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A look at the drivers behind growth of wind power in Nordic region

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Renewable energy recruitment specialist, Allen & York, is expanding its renewable energy team in response to a growth in demand for wind professionals within the Nordic region. In this piece, the company looks at the factors behind this surge in demand for wind energy there.
A look at the drivers behind growth of wind power in Nordic region

Wind power is the world’s single fastest-growing source of energy, and the UK is one area where this growth is being felt the most. Already in the UK, 3,755 projects are currently operational, producing power for an equivalent of 3,724,444 homes. Allen & York has not only recently expanded its renewable energy team to recruit for the escalating number of wind projects within the UK, but has also responded to a growth in demand for wind professionals within the Nordic.

We have specifically witnessed expansion within the wind power market in Sweden. Swedish wind power is a very young but rapidly growing market. Installed capacity has grown by close to 40% between 2006 and 2010 and a continued high pace of production is expected in coming years. Having so far escaped the worst of the euro zone’s economic crisis, Sweden saw its wind-energy capacity rise by about 744MW last year and around 6.1TWh of Sweden's total electricity was generated by wind in 2011, which is an increase of over 70% on 2012 figures.

Sweden’s wind resources, low population density and availability of balancing sources of energy provide great growth potential for further advancement into the wind sector. The growth and profitability of Swedish wind power drives an increasingly active market, attracting energy producers, developers, utilities, and financial stakeholders; which as a result leads to an increase of job opportunities within Sweden and the wider Nordic region.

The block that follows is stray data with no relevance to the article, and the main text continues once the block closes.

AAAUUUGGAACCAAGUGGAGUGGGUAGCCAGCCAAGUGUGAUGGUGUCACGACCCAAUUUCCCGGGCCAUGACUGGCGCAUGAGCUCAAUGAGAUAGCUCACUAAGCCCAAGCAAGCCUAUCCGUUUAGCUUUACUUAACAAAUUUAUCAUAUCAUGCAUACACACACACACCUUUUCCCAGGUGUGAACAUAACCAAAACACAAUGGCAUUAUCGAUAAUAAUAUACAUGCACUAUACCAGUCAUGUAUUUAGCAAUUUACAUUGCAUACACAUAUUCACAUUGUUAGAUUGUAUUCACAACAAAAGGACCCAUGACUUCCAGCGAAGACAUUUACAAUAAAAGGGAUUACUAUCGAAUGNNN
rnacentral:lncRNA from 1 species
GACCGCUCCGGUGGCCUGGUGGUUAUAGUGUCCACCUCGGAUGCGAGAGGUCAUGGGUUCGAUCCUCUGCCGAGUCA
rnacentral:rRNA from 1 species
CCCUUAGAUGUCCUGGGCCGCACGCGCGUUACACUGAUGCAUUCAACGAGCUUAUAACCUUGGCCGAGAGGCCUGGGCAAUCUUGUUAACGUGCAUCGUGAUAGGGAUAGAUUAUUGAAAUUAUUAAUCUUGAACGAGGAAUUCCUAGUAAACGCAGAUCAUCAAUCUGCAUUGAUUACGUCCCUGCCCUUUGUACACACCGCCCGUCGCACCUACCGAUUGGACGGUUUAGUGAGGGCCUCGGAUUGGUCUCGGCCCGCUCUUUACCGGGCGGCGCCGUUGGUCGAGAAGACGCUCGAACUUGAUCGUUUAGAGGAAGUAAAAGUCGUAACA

In this article Vicky Kenrick from Allen & York explores the reasons for this surge in potential, looking at electricity prices, turbine prices and the investment market before concluding the article by taking a look at the job opportunities being created.

Electricity prices

Electricity prices in the Nordic region have been steadily increasing over the past ten years, with an annual growth rate of 15%. Impacting this growth rate in the future will be energy consumption, commodity prices and carbon emission pricing.

It is predicted thateconomic recovery will bring increased electricity consumption, and combined with increased global commodity prices and political initiatives surrounding carbon emission rights this could put renewed pressure on Nordic electricity prices. It is new energy production capacity, specifically from wind power which could counteract this increase in electricity costs. In addition further integration with other European markets via new cables could provide opportunities for the export of carbon-free energy to countries with higher electricity prices and more difficult preconditions for such production.

In fact, Gunnar Fredriksson, Deputy Chief Executive of the Swedish Wind Energy Association, is keen to hear whether the government will accept a proposal by transmission system operator Svenska Kraftnat to address the way grid improvements are handled.

At present, the first company that wants to connect to a grid has to bear the entire cost of any upgrades, while companies that follow pay nothing. Svenska Kraftnat has proposed a fairer distribution of costs, where developers would only pay for the part of the development from which they benefit.

Cost of wind projects

It is wind turbine generators that constitute approximately 80% of total investment cost for a wind energy project. As the turbines are paid for in EUR, expectations of a low EUR/SEK exchange rate in 2012/13 should bring significant benefits for profitability. In 2010, overcapacity among turbine manufacturers created an oversupply of turbines. Combined with continuously increasing competition this has decreased the power that the supplier has and as a result prices for turbines have dropped by approximately 25% compared to 2008. In addition, delivery times have fallen from 2–3 years to only a couple of months.